martian and terrestrial rock abrasion from wind tunnel and field studiesEarth and Mars exhibit ventifacts, rocks that have been abraded by saltating sand. Previous theoretical and laboratory studies have determined abrasion susceptibilities of rocks as a function of sand type and impact angle and rock material strengths. For the last two years we have been engaged in wind tunnel and field studies to better understand the fundamental factors which control and influence rock abrasion and ventifact formation on Earth and Mars. In particular, we are examining: 1) What types of rocks (composition, texture, and shape) preferentially erode and what are the relative rates of one type vs. another? 2) What are the controlling factors of the aeolian sand cloud (flux, particle speed, surface roughness, etc) which favor rock abrasion?, 3) How do specific ventifact characteristics tie into their mode of formation and rock properties? We find several important factors: 1) Initial rock shape controls the rate of abrasion, with steeper faces abrading faster than shallower ones. The relationship is partly dependent on angle-dependent flux (proportional to sin[theta]) but exhibits additional non-linear effects from momentum transfer efficiency and rebound effects that vary with incidence angle. 2) Irregular targets with pits or grooves abrade at greater rates than targets with smooth surfaces, with indentations generally enlarging with time. Surfaces become rougher with time. 3) Targets also abrade via slope retreat, which is roughly dependent on the slope of the front face. The formation of basal sills is common, as observed on terrestrial and Martian ventifacts.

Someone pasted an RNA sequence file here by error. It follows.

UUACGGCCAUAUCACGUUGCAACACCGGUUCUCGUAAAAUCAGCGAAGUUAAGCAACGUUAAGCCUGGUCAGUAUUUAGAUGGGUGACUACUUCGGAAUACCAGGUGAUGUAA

Bridges, N. T. (Jet Propulsion Lab., California Inst. of Tech. Pasadena, CA, United States)
Greeley, R. (Arizona State Univ. AZ, United States)
Eddlemon, E. (NASA Ames Research Center Moffett Field, CA, United States)
Laity, J. E. (California State Univ. Northridge, CA, United States)
Phoreman, J. (NASA Ames Research Center Moffett Field, CA, United States)
White, B. R. (California Univ. Davis, CA, United States)